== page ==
Into this chaos of (mostly first-world) individual dramas appears a text message from an old classmate: “Planning a Batch Reunion, Dec 11-13, Donna Alva Resort and Spa, Goa,” something which sends all four women – and TD, Ambi’s husband and former classmate – whirling towards mid-life milestones (that may or may not involve getting rid of personal millstones).
“There was an impressive galaxy of luminaries gathered on the lawns at the back of Donna Alva Resort and Spa as the heat of the afternoon gave way to a cool breeze and the sun made its way down towards the water. CEOs, GMs, professors, consultants, heads of departments – if someone were to toss a pebble into this assortment, Miru thought, there was a good chance it would hit a person with a Wikipedia entry, a seven-figure salary, an elite platinum card or, at the very least, a speaking engagement or two.”
In this august melee rife with competitive sparring, Aadi, Miru, Kajo and Ambi encounter rivals, frenemies, ghosts of rivals and frenemies, friends and former lovers. And many twists and turns and cocktails later, we finally get to Keats and “ripeness is all”.
Make no mistake, this is the Zindagi Na Milegi Dobara brand of urban Indian dosti at full volume. There is heart, camaraderie and drama alright – but the Indian-ness is restricted only to the backgrounds of the characters, their pasts so to speak, but incidental to their present (to be fair, the characters are drawn from life and so one recognises types from one’s own circle, more’s the pity!). For instance, it is assumed that their children will only go to American colleges (while the characters all went to college in India), Donna Alva could well have been set in Spain for the plot to remain unhindered, and the specific struggles of the characters with jobs or fertility, heteronormativity or loveless marriages would echo with readers across big cities of the world.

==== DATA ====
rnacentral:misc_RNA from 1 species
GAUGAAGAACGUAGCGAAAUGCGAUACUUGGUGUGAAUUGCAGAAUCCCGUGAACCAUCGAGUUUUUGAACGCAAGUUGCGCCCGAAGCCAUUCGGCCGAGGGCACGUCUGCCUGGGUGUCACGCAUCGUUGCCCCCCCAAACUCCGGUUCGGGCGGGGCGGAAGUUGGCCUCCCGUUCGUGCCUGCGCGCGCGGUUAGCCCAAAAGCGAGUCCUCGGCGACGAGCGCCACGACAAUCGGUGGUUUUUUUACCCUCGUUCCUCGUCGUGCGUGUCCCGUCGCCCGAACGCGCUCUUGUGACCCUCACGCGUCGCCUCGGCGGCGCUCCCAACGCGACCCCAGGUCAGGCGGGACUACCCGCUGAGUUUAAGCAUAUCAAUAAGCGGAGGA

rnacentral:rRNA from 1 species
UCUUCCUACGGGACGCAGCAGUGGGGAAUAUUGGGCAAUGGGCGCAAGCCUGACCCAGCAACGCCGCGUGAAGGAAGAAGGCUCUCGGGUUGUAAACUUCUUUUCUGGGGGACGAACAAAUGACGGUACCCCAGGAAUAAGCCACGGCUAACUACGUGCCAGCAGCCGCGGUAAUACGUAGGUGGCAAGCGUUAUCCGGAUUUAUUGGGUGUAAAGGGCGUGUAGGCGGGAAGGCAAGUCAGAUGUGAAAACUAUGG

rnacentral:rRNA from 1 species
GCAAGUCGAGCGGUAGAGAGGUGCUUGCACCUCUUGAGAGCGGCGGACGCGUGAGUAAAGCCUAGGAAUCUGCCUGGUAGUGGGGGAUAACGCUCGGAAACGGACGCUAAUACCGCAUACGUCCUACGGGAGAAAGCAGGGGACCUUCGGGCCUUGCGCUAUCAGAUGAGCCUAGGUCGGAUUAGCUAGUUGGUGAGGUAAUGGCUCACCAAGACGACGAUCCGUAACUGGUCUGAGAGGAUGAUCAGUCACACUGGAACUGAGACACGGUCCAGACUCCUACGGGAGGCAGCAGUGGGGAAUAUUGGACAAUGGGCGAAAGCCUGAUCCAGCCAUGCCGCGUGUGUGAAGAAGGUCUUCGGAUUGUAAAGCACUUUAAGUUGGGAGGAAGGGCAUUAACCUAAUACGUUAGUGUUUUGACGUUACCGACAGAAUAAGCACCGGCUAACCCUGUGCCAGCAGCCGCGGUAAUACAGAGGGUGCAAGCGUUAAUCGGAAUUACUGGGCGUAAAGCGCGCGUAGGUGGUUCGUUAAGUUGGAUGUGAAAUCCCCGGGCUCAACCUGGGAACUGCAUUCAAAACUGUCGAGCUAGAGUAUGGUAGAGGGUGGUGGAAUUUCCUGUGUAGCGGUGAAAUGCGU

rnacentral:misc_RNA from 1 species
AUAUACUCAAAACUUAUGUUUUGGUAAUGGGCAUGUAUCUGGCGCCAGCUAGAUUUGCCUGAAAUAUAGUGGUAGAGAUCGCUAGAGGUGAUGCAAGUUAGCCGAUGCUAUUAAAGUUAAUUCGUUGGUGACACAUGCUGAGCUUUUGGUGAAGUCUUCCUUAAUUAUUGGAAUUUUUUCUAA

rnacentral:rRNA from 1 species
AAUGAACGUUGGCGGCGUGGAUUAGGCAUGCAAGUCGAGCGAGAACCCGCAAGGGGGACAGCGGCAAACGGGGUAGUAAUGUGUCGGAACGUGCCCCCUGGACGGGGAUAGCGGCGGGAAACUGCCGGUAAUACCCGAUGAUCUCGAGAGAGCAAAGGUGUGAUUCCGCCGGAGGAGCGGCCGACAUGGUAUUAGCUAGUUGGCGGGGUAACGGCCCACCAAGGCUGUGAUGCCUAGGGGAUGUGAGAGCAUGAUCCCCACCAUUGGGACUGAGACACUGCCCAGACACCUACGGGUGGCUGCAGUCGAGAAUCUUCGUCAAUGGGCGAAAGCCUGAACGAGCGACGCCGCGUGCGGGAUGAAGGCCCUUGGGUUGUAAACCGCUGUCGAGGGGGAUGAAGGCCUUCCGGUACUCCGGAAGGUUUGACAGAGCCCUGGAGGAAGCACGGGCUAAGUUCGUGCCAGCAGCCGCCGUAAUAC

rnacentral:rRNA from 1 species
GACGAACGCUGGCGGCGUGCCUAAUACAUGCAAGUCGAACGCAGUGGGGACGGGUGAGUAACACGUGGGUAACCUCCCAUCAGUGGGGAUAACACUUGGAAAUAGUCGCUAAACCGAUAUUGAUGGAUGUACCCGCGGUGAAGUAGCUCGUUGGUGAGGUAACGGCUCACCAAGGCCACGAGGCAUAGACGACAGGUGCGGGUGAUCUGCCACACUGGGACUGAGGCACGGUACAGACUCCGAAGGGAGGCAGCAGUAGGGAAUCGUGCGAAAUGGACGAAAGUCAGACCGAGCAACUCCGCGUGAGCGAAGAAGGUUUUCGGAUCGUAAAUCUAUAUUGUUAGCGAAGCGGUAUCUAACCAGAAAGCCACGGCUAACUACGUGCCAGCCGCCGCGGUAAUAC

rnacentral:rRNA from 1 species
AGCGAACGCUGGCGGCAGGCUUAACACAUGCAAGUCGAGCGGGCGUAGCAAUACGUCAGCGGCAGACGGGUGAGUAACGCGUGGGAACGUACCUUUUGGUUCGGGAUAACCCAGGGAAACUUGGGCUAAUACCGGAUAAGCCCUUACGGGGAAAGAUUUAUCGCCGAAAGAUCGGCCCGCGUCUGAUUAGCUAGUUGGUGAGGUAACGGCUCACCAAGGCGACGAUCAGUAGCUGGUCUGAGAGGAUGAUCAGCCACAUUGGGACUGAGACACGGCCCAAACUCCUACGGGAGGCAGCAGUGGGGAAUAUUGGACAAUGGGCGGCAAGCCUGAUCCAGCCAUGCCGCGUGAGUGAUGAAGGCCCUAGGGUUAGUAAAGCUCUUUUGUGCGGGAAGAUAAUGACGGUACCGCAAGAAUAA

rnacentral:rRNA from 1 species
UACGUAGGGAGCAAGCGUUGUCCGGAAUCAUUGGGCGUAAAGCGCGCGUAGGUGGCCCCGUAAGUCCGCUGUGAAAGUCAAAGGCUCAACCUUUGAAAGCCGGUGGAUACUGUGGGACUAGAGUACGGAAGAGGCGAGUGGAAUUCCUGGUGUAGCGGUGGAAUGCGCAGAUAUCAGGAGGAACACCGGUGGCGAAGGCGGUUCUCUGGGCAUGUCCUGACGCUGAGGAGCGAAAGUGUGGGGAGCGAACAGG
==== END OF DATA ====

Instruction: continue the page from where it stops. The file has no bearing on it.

Whether this kind of a broadly global base takes away something from the delicious local-ness that Indian popular fiction used to underscore is something to think about – but on another day perhaps. For now, though, you might get yourself a nice bottle of wine as you dip into this chatty if somewhat predictable book about forty-something women who learnt life’s most vital lessons well outside their brand name B-school while breaking glass ceilings in their own right. And who knows, given trends globally, the next reunion two decades later might just be in an organic farm where the only cuisine served is what everyone’s grandmothers ate?
A Few Good Friends, Swati Kaushal, Hachette India.
(Devapriya Roy’s latest book is Indira, co-written with artist Priya Kuriyan, a graphic biography of Indira Gandhi.)